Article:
About the Conference
Beirut, the capital of Lebanon, is a key proponent and early implementer of the resilience agenda in the MENA region.
Held under the Patronage of His Excellency Mr. Saad Hariri, President of the Council of Ministers of Lebanon, the Municipality of Beirut organized and hosted the MENA Regional Urban Resilience Conference in April 2019 – together with the World Bank, with support from GFDRR and in partnership with 100 Resilient Cities.
The conference followed the development of Phase I of Beirut’s urban resilience master plan, bringing together 49 municipal and national representatives from thirteen countries and territories across the MENA region (Djibouti, Egypt, Iraq, Jordan, Kuwait, Lebanon, Morocco, Oman, Saudi Arabia, Somalia, Tunisia, West Bank-Gaza and Yemen) as well as resilience experts and practitioners from developed and developing countries beyond the region (France, Georgia, India, Italy, Japan, Panama and the United States).
The conference responded to the need for regional co-operation and common frameworks for city resilience strategies, while allowing Beirut to share its own experiences and exchange lessons learned with other cities.
What is Urban Resilience?
Resilience is the ability of a system, entity, community, or person to adapt to a variety of changing conditions and to withstand shocks while still maintaining its essential functions (World Bank 2014). While there is no standard, internationally accepted definition at the moment, generally speaking, as a city functions as a spatial convergence of multiple socioeconomic and technological systems, the resilience of a city is based on the ability of these inter-connected systems to adapt, withstand and maintain basic services in the face of a variety of hazards and shocks.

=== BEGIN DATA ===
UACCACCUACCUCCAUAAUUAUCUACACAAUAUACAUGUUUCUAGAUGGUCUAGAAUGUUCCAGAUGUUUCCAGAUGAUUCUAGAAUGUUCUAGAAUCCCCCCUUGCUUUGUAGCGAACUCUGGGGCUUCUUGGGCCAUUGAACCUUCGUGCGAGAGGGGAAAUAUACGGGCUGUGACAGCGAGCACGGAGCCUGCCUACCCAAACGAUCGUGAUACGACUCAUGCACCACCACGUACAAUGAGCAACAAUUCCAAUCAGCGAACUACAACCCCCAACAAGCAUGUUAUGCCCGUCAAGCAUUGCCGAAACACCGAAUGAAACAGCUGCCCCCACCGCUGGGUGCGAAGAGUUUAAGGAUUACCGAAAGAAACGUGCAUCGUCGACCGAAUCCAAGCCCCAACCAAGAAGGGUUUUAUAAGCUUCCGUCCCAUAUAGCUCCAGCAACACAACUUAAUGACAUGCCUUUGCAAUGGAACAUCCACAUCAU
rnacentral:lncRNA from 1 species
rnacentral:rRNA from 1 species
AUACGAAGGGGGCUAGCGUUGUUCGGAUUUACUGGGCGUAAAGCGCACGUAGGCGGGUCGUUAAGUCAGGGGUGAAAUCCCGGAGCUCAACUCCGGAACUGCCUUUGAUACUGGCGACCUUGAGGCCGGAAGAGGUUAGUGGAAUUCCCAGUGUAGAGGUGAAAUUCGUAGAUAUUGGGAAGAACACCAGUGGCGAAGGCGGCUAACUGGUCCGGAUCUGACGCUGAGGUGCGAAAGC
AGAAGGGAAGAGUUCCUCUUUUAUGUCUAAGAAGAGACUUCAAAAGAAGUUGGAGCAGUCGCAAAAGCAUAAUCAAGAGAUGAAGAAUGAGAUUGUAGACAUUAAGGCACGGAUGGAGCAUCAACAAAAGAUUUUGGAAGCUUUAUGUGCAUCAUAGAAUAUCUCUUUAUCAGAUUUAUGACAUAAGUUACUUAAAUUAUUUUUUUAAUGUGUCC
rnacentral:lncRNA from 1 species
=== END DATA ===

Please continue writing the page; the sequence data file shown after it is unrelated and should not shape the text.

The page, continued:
The Urban Challenge in the MENA Region
The Middle East and North Africa (MENA) region is defined by its urbanizing, and highly concentrated populations. Sixty-five percent of the region’s inhabitants live in cities (more than 280 million people), while 92 percent are concentrated on three percent of the land. City populations are expected to nearly double by 2040, amplifying the exposure of their residents to unprecedented natural and social hazards. Against this backdrop, the region has been stricken by recent conflicts in which half-a-million people have died and fifteen million have been displaced. Refugees have often fled to already-stressed urban destinations in neighboring countries, marked by limited infrastructure, poor service delivery and high population densities. Moreover many of the region’s largest cities and urban economies are located in fragile coastal zones in which informal settlements have expanded into and degraded sensitive environments, and are prone to flooding.
The effects of urbanization, population density, conflict and displacement mesh with those of climate change and environmental degradation, intensifying their many impacts. In recent decades, this complex web of interactions has affected approximately 40 million people in MENA countries, and cost their economies nearly US$20 billion. While 2018 has seen upturns in some social and economic indicators, rapid growth of cities, and political and environmental instability confirm the region’s need for adaptation support. Risk-informed planning and urban resilience investment are critical to promoting sustainable development and poverty reduction in the MENA region.